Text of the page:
Published in The Patriot Ledger July 25, 2015
I called it “poor little Pluto” in an earlier column, but Pluto was very big in the news last week when NASA’s New Horizons spacecraft flew by it after traveling more than 9 years and more than 3 billion miles through space. It was a tremendous success for the New Horizons team led by Principal Investigator Alan Stern and Mission Operations Manager Alice Bowman, known to the team as MOM.
Other NASA spacecraft flew by our nearest-neighbor planets Mars and Venus in the 1960s, by Mercury, Jupiter, and Saturn in the 1970s, and by Uranus and Neptune in the 1980s. When Voyager 2 flew by Neptune in 1989, young graduate student Alan Stern was taking a course on planetary exploration at Cal Tech, and became obsessed with getting a mission together for Pluto, then recognized as the ninth planet.
For over a decade, Stern and others promoted a variety of plans for a mission to Pluto, but NASA’s budgetary limitations continually frustrated the efforts. NASA finally gave in and approved the New Horizons proposal in 2001. Led by Alan Stern and their MOM, the team designed and built a very sophisticated thousand-pound spacecraft, about the size of a piano. It was launched from Cape Canaveral in January 2006, and finally flew by Pluto last Tuesday, getting much more detailed pictures of Pluto’s surface than had been available before. Data were also gathered on the chemical composition of Pluto and its atmosphere, data that will take scientists years to analyze. A remarkable achievement, finally achieved 26 years after Alan Stern first set his heart and mind on a mission to Pluto.
Stern has been involved with numerous other NASA space missions, but a mission to Pluto remained his abiding interest. Imagine his feelings when, seven months after the launch of New Horizons, the International Astronomical Union voted for a new definition of the word “planet,” one that removed Pluto from the list of planets in the solar system. His mission was no longer going to the ninth planet. It was going to what was now known as a dwarf planet. Quite a comedown.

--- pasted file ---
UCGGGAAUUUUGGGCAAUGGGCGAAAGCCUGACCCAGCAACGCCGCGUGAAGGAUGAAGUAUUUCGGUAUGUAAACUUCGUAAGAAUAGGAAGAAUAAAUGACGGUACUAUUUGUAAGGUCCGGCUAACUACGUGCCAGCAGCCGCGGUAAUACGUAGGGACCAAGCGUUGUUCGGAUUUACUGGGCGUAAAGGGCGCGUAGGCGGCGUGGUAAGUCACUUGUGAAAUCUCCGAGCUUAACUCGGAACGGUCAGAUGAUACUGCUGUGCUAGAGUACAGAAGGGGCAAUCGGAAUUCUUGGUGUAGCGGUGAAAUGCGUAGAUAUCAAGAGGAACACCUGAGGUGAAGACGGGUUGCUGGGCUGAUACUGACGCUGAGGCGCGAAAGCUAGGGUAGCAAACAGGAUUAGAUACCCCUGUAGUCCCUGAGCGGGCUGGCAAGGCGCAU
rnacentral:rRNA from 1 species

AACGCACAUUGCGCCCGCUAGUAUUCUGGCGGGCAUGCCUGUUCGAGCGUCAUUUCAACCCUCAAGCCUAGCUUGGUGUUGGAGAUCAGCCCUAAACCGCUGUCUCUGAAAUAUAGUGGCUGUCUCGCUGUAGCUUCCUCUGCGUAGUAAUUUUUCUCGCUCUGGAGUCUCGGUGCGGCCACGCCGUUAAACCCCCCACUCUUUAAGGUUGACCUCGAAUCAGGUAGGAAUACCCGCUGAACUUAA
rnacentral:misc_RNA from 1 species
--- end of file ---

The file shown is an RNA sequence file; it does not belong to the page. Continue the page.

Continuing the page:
Pluto is indeed smaller than the eight planets formally recognized by the International Astronomical Union, and is even smaller than the Earth’s moon. But Stern continues to refer to Pluto as the ninth planet, and considers last week’s flyby to be the completion of the initial exploration of the solar system. After its discovery in 1930, it was considered to be the outer edge of the solar system. However, later many other objects were found orbiting the sun in Pluto’s neighborhood and well beyond, a region now called the Kuiper Belt.
Neil deGrasse Tyson, director of New York’s Hayden Planetarium and inheritor of Carl Sagan’s television series Cosmos, continues to support Pluto’s demotion from full planetary status. In a recent tweet showing New Horizon’s beautiful picture of Pluto, he wrote, “Dear Pluto, Lookin’ good. But you’re still a Dwarf Planet – get over it. Love, Neil deGrasse Tyson.” But Tyson doesn’t demean the accomplishment of the New Horizons team, describing it as an important first close look at a Kuiper-Belt object.
Back in 1991, the US Postal Service issued a set of postage stamps celebrating NASA’s achievements in planetary exploration, with one stamp for each of then-recognized nine planets. Pictures of eight of the planets were accompanied by pictures of NASA spacecraft that had visited them. The Pluto stamp instead simply said, NOT YET EXPLORED. One of these stamps was carried to Pluto aboard New Horizons, and at a celebration of the flyby, Alan Stern proudly held up a large version of the stamp with NOT and YET crossed out.
Planet or dwarf planet, Pluto has now been explored. Early discoveries include mountains of ice on Pluto as tall as the Rockies and a chasm on Pluto’s moon Charon longer and deeper than the Grand Canyon. And there’s much, much more to come.